Stocks fell on Monday after some U.S. states accused President Donald Trump’s administration of illegally delaying certain energy-efficiency standards, casting further doubt over the government’s ability to deliver on its promised reforms.
A coalition of U.S. states and municipalities began legal action against Trump’s administration, saying its delay of energy efficiency standards for several consumer and commercial products violated federal law.
The move comes barely two weeks after the administration had to pull legislation to overhaul the U.S. healthcare system.
Trump’s campaign promises to cut tax, ease regulations and spend more on infrastructure had driven Wall Street to record highs. However, after the administration’s recent legislative setbacks, investors are worried when and if these promises will be fulfilled.
“It doesn’t feel like the market is in panic, just that it is reassessing what the expectations were, and we were going to get a lot of reforms quickly; and now it’s clear that we’re not,” said Ken Polcari, director of the NYSE floor division at O’Neil Securities in New York.
“That, coupled with coming into earnings and tax season, Trump over the weekend trying to pound his chest over North Korea … that creates anxiety in the market.”
President Trump held out the possibility on Sunday of using trade as a lever to secure China’s cooperation against North Korea, in comments that appeared designed to pressure Chinese President Xi Jinping ahead of his first meeting with Trump later this week.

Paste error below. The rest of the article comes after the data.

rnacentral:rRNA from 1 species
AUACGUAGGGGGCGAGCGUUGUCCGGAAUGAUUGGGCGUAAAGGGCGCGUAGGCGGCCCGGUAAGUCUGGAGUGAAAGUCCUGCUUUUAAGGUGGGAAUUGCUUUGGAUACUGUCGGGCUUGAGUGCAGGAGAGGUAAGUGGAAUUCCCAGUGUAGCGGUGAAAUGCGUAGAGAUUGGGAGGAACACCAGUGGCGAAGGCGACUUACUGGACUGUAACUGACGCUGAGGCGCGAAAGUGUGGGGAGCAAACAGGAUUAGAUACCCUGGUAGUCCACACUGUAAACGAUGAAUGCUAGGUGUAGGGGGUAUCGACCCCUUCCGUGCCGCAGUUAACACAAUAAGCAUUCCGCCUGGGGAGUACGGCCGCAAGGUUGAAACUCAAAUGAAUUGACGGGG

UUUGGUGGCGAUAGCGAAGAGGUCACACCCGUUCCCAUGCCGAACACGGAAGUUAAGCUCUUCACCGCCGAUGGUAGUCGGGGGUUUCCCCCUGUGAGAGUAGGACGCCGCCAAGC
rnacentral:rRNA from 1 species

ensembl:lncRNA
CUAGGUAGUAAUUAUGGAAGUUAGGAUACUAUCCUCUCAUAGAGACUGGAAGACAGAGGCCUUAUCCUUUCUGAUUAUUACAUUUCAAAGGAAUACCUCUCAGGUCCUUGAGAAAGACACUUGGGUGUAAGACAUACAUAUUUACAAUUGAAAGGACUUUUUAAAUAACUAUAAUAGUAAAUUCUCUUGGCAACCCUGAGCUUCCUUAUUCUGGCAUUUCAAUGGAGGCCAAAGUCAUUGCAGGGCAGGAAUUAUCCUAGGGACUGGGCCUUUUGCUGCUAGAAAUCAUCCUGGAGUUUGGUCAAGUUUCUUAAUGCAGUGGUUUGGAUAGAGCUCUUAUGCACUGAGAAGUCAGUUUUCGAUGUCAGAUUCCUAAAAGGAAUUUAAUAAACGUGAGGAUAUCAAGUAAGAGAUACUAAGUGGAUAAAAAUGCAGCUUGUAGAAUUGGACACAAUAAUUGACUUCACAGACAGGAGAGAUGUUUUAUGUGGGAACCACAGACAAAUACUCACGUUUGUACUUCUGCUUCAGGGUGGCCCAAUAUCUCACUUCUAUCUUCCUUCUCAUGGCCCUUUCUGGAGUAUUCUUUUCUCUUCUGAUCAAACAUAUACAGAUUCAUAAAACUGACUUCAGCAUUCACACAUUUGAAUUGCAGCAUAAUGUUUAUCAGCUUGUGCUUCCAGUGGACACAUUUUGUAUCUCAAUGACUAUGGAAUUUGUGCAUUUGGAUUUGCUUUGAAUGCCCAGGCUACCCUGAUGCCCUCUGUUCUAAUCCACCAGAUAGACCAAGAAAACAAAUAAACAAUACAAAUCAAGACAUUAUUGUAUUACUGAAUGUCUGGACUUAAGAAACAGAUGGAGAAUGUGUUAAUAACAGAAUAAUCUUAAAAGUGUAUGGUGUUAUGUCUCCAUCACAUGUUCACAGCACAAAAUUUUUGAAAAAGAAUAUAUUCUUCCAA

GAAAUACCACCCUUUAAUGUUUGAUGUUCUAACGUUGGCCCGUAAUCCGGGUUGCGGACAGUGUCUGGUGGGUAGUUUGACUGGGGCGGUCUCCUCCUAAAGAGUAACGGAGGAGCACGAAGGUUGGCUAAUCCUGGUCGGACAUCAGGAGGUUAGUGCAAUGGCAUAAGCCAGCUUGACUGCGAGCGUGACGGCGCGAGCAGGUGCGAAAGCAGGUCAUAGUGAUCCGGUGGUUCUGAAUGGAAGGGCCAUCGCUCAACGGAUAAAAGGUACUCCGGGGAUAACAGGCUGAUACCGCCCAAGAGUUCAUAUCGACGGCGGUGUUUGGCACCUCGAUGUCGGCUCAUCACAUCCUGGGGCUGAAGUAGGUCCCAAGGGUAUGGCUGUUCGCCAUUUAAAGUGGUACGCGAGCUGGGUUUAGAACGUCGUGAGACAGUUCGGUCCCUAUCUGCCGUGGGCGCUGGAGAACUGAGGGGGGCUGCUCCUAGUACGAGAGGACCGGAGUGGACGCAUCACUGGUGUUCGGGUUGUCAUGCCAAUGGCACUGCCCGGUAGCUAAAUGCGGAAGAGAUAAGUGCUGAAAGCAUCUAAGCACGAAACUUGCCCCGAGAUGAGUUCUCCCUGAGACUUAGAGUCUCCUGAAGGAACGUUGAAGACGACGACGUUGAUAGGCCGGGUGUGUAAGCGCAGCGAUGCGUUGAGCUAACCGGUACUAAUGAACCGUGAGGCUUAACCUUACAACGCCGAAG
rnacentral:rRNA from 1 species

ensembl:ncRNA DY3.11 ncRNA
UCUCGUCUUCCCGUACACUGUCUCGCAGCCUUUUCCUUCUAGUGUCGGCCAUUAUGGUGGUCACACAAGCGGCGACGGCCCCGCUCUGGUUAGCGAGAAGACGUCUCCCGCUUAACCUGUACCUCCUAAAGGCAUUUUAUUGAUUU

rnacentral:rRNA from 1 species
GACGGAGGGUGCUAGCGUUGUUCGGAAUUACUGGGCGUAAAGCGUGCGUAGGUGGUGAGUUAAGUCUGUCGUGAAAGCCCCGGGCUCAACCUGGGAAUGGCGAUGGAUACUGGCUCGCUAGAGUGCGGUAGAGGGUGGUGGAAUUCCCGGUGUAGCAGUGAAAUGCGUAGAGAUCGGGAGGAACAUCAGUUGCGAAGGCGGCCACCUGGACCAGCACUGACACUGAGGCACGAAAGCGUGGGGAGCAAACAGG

Investors are waiting to see if corporate reports in the impending earnings season justify the lofty valuations. The S&P 500 is trading at about 18 times earnings estimates for the next 12 months, above its long-term average of 15.
At 11:56 a.m. ET (1556 GMT), the Dow Jones Industrial Average was down 108.03 points, or 0.52 percent, at 20,555.19; the S&P 500 was down 14.85 points, or 0.63 percent, at 2,347.87; and the Nasdaq Composite was down 35.62 points, or 0.6 percent, at 5,876.11.
The CBOE Volatility index, known as Wall Street’s ‘fear gauge,’ was up at 13.34 points, on track to rise for the third straight trading day.
All 11 major S&P 500 sectors were lower, led by the financial index’s 1.3 percent drop.
“The banks faced issues like slowdown in commercial lending growth this quarter. Investors think that the banks have not done quite well this quarter,” said Stephen Biggar, an analyst with Argus Research.
Tesla shares gained as much as 5.7 percent to a record high after the electric car maker reported record first-quarter vehicle deliveries.
But, other automakers fell after reporting March sales that came in below market expectations. GM dropped 3.7 percent, Fiat Chrysler sank 5 percent, while Ford was off 2.4 percent.
Declining issues outnumbered advancers on the NYSE by 1,869 to 1,020. On the Nasdaq, 2,010 issues fell and 757 advanced.
The S&P 500 index showed 17 52-week highs and five lows, while the Nasdaq recorded 69 highs and 22 lows.